A number of former professional players coached as youngsters at Crewe Alexandra and elsewhere by Bennell in the 1980s have this week spoken bravely and movingly about their horrific experiences. Many others have since contacted the police.
Bennell has already been convicted for serial paedophile offences. But the true scale of his activity is only now coming to light.
After England players’ day-off antics it is the latest shadow to be cast over our national game and one to which the authorities seem to be responding well.
Others could learn from it.
The FA immediately set up a new helpline with the NSPCC and reaffirmed its commitment to safeguarding child safety.
The police have appealed for more victims of such abuse in football to come forward.
These days there are strict "Disclosure and Barring" regulations for adults involved in youth football as in other sports.
But as a first-aider for my teenage son’s rugby team, I have a DBS certificate but received no specific training.
Codes and best practice are now widely shared, but the legacy of historic abuse remains.
Bennell and Crewe may be in the spotlight now, but there will be many other individuals and clubs at all levels who are likely to face investigation.
So football, along with all other sports, cultural and religious groups, will be reappraising their practices urgently.
It is a key reputation issue.
It is almost inevitable there will be other Bennells. They will be exposed by victims emboldened by the testimonies of the footballers and the overwhelmingly sympathetic reaction to them.
So other organisations will think about how they communicate their responsibility to admit to failings of the past and invite victims to come forward now.
To be credible they need to be seen to be actively encouraging former players, even decades later, to come forward and provide evidence to allow the authorities to investigate perpetrators.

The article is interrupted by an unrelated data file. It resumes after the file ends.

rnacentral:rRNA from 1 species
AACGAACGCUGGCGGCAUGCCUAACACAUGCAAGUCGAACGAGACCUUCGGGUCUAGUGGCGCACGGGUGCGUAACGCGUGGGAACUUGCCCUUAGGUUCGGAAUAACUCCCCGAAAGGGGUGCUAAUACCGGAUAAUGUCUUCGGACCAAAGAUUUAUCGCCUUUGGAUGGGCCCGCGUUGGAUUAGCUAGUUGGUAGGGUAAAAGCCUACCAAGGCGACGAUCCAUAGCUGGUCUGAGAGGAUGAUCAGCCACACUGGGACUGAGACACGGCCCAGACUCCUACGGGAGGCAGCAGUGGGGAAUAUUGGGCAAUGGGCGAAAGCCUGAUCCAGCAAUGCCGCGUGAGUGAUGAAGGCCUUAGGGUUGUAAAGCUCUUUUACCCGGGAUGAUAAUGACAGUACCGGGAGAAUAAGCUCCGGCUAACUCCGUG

Successful campaigns will not only address the historic abuse but promote the effective implementation of current regulations governing adult supervision of children.
The salience of the issue should be the catalyst for reinforcing a culture of observing appropriate behaviour. Rules by themselves are inadequate without rigorous enforcement and frequent communication.
Parents need reassurance before they sign their children up to the local football, rugby or swimming club.
This week, many mums and dads will now hesitate before letting their sons and daughters join their squads.
In a week when a report highlighted British children are among the least active in the world, sports organisations need to make their safety a communications priority.
Bennell’s victims are courageous survivors. Their bravery now needs to be rewarded by sport as whole by enforcing and promoting even more widely child safety measures, admitting to, and apologising for, horrific failures of the past and helping bring historic offenders to justice.
Julian Eccles is a former director of comms at The FA and was a special adviser at the Department of Culture, Media and Sport
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